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Knowledge and Skills:

Participation in tertiary education


The proportion of the population aged 15 years and over enrolled at any time during the year in formal tertiary education leading to a recognised New Zealand qualification.
Tertiary education providers include public institutions (universities, polytechnics, colleges of education, wānanga), and private tertiary education providers receiving government funding or approval, or registered with the New Zealand Qualifications Authority. Qualifications range from certificates and diplomas to bachelor and post-graduate degrees. Domestic students only are included.


The acquisition of a tertiary qualification provides individuals with additional skills and knowledge to participate in society and in the economy.

Current level and trends

During 2006, 13.7 percent of people aged 15 years and over (448,000 people) were enrolled in formal tertiary education, a slight decline from 14.2 percent (457,000 people) in 2005. This slight decline could be attributable in part to the strong labour market encouraging people into employment rather than further education.

Most of the decline in tertiary education participation between 2005 and 2006 was due to a fall in the number of people taking Levels 1–3 certificate courses. The rate of participation in certificate level courses as a whole (ie Levels 1–4) grew strongly between 1999 and 2005 (from 4.0 percent to 8.8 percent), then fell to 8.1 percent in 2006. In total, 10 percent of people aged 15 years and over were enrolled in sub-degree tertiary education courses in 2006, up from 6 percent in 1999. In comparison, the proportion enrolled in degree and post-graduate courses remained fairly steady at around 5 percent over the period 1999–2006.

Figure K3.1 Tertiary education participation rate, by qualification level, 1999–2006

Figure K3.1 Tertiary education participation rate, by qualification level, 1999–2006

Source: Ministry of Education

Age and sex differences

Tertiary education participation is highest among 18–24 year olds (36.5 percent in 2006), followed by 25–39 year olds (16.6 percent). The participation rate for 18–24 year olds changed little between 1999 and 2006. In contrast, the rate for people aged 40 years and over and people aged 25–39 years increased substantially over that period. 

Since the mid-1990s, women have been more likely than men to participate in tertiary study at ages 18 years and over. However, as females accounted for all of the decline in enrolments between 2005 and 2006, the sex gap has narrowed slightly. In 2006, there was no sex difference in the proportion enrolled in sub-degree courses (10 percent of males and females), but females were more likely than males to be enrolled in degree and post-graduate courses (6 percent and 4 percent, respectively).

Table K3.1 Tertiary participation rates (%), by age and sex, selected years, 1999–2006

  15–17 18–24 25–39 40+ Total
1999 9.2 32.3 10.0 2.7 9.1
2001 11.0 34.0 12.0 3.5 10.2
2005 14.6 33.2 15.1 6.7 12.9
2006 10.8 33.5 14.8 7.1 12.8
1999 8.3 35.7 12.8 4.4 10.8
2001 11.2 38.9 15.8 5.5 12.7
2005 12.3 39.6 19.6 8.5 15.4
2006 9.4 39.6 18.3 8.1 14.6

Source: Ministry of Education

Ethnic differences

In 2006, the age-standardised tertiary education participation rate was highest for Māori at 18 percent, followed by the Asian ethnic group (15 percent), Europeans (13 percent) and Pacific peoples (12 percent). The increase in the age-standardised rate between 1999 and 2006 was higher than average for the Asian and Māori ethnic groups. The slight fall in the age-standardised rate between 2005 and 2006 occurred across all ethnic groups but was larger than average for Māori, Pacific peoples and Asian ethnic groups.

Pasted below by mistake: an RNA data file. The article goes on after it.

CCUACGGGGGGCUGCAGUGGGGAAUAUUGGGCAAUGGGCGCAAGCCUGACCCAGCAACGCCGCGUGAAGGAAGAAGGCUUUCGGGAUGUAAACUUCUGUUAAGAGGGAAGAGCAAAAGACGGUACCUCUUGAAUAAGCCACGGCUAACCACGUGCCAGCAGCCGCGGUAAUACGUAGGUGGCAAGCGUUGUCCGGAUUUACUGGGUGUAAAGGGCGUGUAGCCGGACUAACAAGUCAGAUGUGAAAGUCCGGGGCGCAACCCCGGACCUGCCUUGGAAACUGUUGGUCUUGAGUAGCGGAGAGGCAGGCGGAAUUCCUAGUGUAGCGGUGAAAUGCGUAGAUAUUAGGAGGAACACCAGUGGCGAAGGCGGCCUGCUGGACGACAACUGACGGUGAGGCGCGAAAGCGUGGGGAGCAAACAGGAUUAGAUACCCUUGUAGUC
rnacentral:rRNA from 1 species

At the core tertiary education age group 18–24 years, the European ethnic group had the highest participation rate in 2006 (37 percent), while the rate for the Asian ethnic group (32 percent) was slightly above that of Māori and Pacific peoples (each 31 percent). Between 2002 and 2006, the participation rate of 18–24 year olds remained steady for the European ethnic group, declined for Māori, and increased for the Pacific peoples and Asian ethnic groups.   
At older ages, Māori had the highest tertiary participation rates in 2006, followed by the Asian, Pacific peoples and European ethnic groups.

Table K3.2 Tertiary participation rates (%), by age and ethnic group, 2006

Age group European Māori Pacific peoples Asian
15–17 9.2 12.7 8.1 5.3
18–24 37.2 30.9 31.1 32.4
25–39 14.4 22.6 15.2 17.0
40+ 6.1 15.6 7.5 12.2
Total 11.6 20.3 14.6 17.6

Source: Ministry of Education

Māori and Pacific students are less likely to be enrolled in degree-level courses than students from the European or Asian ethnic groups. Almost 90 percent of the decline in Māori enrolments between 2005 and 2006 was due to fewer Māori taking Levels 1–3 certificate courses.

International comparison

There are no robust measures of tertiary participation across OECD countries.Some indication of New Zealand's relative standing can be gained from the proportion of people enrolled in education at various ages. In 2004, 30 percent of 20–29 year olds (the age group more likely to be enrolled in tertiary than secondary education) were enrolled in education, placing New Zealand seventh out of 28 countries. This was above the OECD median of 25 percent. The New Zealand rate was higher than those of the United Kingdom (28 percent) and the United States (23 percent) but below the rate for Australia (33 percent).44